I write the code that makes the whole world cry.

Rotating IAM Keys with Felix

You can find Felix on GitHub - the next link to it is pretty far down this post.

IAM keys. Can't live with 'em, can't get your ELB access logs into SumoLogic without 'em.

Well, you can largely live without them if you try hard enough. But if you can't, you should totally rotate them. The CIS AWS Benchmark recommends that keys live no longer than 90 days. Our AWS TAMs have casually thrown out 30 days.

The way I like to phrase it is just, "rotate them all the time to ensure you're ready to rotate them at any time."

I have 100 IAM keys in 100 Travis projects. How am I supposed to rotate them?

So you use TravisCI. And you have 100 projects that all deploy something to AWS. Meaning you have 100 different IAM keys.

Luckily, they are just deployment keys, so you don't really need to rotate them, right?

Right! Well...until you do need to rotate them. Remember earlier this year when Travis accidentally leaked a bunch of secure environment variables (including GitHub OAuth tokens)? And people weren't really sure how to go through all of their projects and update their secrets?

Maybe we should figure out how to rotate these keys regularly so it's not a giant hassle when we actually need to do it.

Travis, meet Felix.

So that's why I wrote Felix.

Felix is a minimal-configuration, flexible, and serverless framework for orchestrating IAM key rotations with third-party services. It currently supports SumoLogic, GitLab, and TravisCI.

How does Felix work? It uses the IAM User path and username to discover information about how and where the key is used. It looks at all users in a specified path (/service/ by default) and uses the rest to discover where the key is used and how it can rotate the key.

Let's take for example, the IAM user /service/travis/maclennann/rake-terraform. Felix sees this user and is able to discover that the key attached to this user is used in TravisCI in the maclennann/rake-terraform project.

Felix generates a new key for this user, passes it to the TravisCI plugin to update the environment variables for that project, and deactivates the old key.

Let's try it!

Felix is super easy to deploy, configure, and run. So let's try it.

Note: This will likely cost you a couple bucks, but we're going to clean up after ourselves.

Prerequisites:

Setup

Let's get your local environment set up first.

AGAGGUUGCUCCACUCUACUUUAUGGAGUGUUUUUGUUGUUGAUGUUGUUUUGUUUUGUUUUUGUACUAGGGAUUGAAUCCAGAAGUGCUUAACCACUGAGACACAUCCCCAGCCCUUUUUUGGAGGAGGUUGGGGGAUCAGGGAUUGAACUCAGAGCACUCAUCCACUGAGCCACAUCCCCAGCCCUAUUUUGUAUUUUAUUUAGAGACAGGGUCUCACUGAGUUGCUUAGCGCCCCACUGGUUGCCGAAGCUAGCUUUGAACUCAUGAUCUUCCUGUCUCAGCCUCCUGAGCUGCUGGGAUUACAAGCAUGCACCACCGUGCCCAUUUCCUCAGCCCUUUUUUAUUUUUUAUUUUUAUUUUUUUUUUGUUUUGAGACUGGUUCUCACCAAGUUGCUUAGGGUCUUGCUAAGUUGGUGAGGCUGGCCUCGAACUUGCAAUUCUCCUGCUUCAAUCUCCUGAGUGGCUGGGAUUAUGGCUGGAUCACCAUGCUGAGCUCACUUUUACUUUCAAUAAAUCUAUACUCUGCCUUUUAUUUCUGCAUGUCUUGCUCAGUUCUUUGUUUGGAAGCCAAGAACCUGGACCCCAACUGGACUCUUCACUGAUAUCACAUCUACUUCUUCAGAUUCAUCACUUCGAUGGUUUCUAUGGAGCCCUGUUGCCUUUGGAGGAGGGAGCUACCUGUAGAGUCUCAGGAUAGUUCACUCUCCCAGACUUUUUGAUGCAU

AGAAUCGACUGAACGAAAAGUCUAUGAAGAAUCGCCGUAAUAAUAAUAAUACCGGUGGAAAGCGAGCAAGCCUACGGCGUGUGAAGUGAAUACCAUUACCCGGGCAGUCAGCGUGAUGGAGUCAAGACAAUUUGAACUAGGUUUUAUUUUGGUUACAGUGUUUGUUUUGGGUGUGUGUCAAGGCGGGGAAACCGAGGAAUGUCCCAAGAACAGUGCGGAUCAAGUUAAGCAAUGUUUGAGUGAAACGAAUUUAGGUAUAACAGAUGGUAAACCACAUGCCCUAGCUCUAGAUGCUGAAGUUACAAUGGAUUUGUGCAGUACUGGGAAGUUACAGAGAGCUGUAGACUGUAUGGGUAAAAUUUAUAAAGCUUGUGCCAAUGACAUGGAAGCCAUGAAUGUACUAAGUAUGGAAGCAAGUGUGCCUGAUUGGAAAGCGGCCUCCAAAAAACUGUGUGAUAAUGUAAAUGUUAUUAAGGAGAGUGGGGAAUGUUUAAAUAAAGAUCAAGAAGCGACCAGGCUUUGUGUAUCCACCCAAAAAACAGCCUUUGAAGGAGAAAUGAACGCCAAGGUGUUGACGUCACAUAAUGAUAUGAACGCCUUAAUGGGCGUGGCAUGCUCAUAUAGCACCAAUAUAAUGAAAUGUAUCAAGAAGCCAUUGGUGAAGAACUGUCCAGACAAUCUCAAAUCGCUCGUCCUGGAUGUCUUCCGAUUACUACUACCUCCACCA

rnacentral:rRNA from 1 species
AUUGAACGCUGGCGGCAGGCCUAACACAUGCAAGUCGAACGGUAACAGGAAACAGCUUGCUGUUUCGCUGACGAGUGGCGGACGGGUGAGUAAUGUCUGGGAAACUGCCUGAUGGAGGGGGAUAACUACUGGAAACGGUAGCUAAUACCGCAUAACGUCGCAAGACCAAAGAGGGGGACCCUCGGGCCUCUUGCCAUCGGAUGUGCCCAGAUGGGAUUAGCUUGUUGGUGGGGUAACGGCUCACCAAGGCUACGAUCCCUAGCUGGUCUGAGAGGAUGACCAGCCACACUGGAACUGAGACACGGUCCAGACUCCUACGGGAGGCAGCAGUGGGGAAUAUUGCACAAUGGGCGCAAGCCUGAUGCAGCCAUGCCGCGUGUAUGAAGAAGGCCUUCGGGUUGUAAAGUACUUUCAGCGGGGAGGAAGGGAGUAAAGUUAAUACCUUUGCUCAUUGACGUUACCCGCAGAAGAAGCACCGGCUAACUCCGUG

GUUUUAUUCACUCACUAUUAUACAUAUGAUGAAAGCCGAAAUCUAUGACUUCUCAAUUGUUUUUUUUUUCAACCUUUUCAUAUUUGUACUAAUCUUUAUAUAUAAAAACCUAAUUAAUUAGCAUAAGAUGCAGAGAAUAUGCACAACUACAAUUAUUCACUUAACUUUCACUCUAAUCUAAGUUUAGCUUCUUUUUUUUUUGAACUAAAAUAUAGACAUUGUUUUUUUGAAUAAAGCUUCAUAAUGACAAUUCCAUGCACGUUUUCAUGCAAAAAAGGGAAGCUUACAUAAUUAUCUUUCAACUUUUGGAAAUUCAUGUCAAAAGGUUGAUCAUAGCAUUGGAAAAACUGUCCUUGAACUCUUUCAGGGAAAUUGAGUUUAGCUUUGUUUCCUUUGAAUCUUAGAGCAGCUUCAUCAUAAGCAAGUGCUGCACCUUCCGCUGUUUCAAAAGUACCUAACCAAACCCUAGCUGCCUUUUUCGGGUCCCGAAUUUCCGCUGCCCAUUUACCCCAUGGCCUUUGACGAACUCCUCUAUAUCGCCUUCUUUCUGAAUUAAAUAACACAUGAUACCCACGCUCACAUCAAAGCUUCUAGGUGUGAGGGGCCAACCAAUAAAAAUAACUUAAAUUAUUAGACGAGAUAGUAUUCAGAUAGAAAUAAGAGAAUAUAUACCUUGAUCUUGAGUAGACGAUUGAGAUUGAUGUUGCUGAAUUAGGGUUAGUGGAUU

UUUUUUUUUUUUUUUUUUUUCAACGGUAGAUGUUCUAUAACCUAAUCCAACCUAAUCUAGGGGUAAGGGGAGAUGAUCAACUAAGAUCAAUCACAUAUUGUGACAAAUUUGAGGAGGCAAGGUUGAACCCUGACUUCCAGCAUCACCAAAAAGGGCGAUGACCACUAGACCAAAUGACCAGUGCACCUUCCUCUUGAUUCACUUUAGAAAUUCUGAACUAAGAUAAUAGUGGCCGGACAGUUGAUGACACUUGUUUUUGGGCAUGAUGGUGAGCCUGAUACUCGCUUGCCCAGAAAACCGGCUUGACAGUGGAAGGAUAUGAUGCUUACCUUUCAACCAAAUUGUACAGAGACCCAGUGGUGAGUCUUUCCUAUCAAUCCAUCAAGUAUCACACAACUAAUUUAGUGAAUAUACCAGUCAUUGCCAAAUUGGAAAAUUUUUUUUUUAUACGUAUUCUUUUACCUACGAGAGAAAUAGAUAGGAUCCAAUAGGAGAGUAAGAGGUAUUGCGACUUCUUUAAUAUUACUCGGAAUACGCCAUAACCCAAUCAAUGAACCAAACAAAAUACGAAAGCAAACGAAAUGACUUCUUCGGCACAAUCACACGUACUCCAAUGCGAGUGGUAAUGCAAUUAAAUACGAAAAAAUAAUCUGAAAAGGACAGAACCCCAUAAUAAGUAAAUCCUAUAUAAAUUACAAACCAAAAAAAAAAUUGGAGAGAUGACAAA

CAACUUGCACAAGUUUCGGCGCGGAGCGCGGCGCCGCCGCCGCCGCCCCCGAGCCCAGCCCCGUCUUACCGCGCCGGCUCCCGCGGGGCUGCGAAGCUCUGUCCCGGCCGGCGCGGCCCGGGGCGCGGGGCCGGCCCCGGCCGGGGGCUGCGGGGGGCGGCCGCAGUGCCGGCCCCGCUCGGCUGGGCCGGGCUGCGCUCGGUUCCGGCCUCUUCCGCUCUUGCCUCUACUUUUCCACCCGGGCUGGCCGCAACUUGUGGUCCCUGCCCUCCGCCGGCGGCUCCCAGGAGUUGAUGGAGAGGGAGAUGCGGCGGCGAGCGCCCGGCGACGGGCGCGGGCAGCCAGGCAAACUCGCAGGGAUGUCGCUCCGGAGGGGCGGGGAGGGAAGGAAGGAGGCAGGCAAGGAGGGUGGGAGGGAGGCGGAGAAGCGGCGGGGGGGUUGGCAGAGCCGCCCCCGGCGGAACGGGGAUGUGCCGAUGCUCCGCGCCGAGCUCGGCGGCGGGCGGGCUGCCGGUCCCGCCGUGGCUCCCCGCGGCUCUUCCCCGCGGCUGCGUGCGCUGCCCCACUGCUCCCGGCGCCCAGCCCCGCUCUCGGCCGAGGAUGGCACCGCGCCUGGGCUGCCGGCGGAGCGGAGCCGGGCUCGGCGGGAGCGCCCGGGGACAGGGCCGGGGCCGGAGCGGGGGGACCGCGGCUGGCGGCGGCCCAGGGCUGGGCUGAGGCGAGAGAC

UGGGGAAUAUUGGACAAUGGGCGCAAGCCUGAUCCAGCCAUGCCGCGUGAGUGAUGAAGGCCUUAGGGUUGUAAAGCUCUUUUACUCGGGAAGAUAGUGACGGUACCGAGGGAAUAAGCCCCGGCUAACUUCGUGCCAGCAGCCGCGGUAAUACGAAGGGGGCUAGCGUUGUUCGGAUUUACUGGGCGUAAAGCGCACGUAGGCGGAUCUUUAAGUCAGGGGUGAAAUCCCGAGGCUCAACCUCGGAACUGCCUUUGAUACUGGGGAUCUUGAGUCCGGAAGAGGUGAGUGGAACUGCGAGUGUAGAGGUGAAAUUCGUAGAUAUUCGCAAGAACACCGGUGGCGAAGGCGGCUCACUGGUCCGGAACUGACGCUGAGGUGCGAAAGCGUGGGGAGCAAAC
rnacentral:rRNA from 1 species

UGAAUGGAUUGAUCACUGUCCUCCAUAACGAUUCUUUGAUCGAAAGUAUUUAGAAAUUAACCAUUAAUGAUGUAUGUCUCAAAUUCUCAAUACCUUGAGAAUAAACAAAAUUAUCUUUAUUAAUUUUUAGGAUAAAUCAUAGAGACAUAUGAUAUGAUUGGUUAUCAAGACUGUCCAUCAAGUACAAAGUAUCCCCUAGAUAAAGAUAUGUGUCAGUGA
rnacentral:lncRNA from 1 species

() $ git clone https://github.com/Cimpress-MCP/felix
Cloning into 'felix'...  
remote: Counting objects: 119, done.  
remote: Compressing objects: 100% (63/63), done.  
remote: Total 119 (delta 52), reused 119 (delta 52), pack-reused 0  
Receiving objects: 100% (119/119), 172.76 KiB | 2.13 MiB/s, done.  
Resolving deltas: 100% (52/52), done.  
() $ cd felix/
() $ nvm use
Found '/Users/nmaclennan/src/gitlab.com/iwritethecodes/felix/.nvmrc' with version <v6.10.2>  
Now using node v6.10.2 (npm v5.4.0)  
() $ npm install -s
added 577 packages in 8.468s  

Are you familiar with projects using the serverless framework? That's what Felix is. Basically, you can look in the serverless.yml file at the root of the repo to see what's going to happen when you deploy it - it's a glorified CloudFormation template (in a good way).

It's going to create:

  • an S3 bucket to store the code
  • a KMS key to encrypt secret settings
  • an SNS topic to publish results to
  • the Lambda function itself
  • a CloudWatch event to trigger the function every other day

You shouldn't need to change anything in there, but please do go ahead and give everything a look over. You shouldn't run things you don't understand in your account.

Deploying

Once you're done giving it the once-over, let's deploy it!

Note that the sts alias I'm running here will generate me STS keys for my account using the method I wrote about last year for awsadvent. You should make sure your proper AWS profile, region, etc are all configured however it is you manage that.

() $ sts production
Password for nmaclennan:  
Generated STS keys for production...

(production) $ npm run deploy

> felix@0.2.0 deploy /Users/nmaclennan/src/gitlab.com/iwritethecodes/felix
> sls deploy

Serverless: Packaging service...  
Serverless: Excluding development dependencies...  
Serverless: Creating Stack...  
Serverless: Checking Stack create progress...  
.....
Serverless: Stack create finished...  
Serverless: Uploading CloudFormation file to S3...  
Serverless: Uploading artifacts...  
Serverless: Uploading service .zip file to S3 (2.38 MB)...  
Serverless: Validating template...  
Serverless: Updating Stack...  
Serverless: Checking Stack update progress...  
..............................
Serverless: Stack update finished...  
Service Information  
service: felix  
stage: prd  
region: us-east-1  
stack: felix-prd  
api keys:  
  None
endpoints:  
  None
functions:  
  rotate: felix-prd-rotate

Nice. That was easy, right?

Configuring

Felix gets its configuration from the SSM parameter store. So let's get that all set up. Luckily, there's a nice little script right in the repo to help get you started.

You'll need a few things: the ARN of the SNS topic to publish results to (arn:aws:sns:us-east-1:[account id]:FelixReports is the one created when we deployed), the IAM path prefix to find users in (/service/ is the default), and your Travis API key (you can generate it using the travis gem).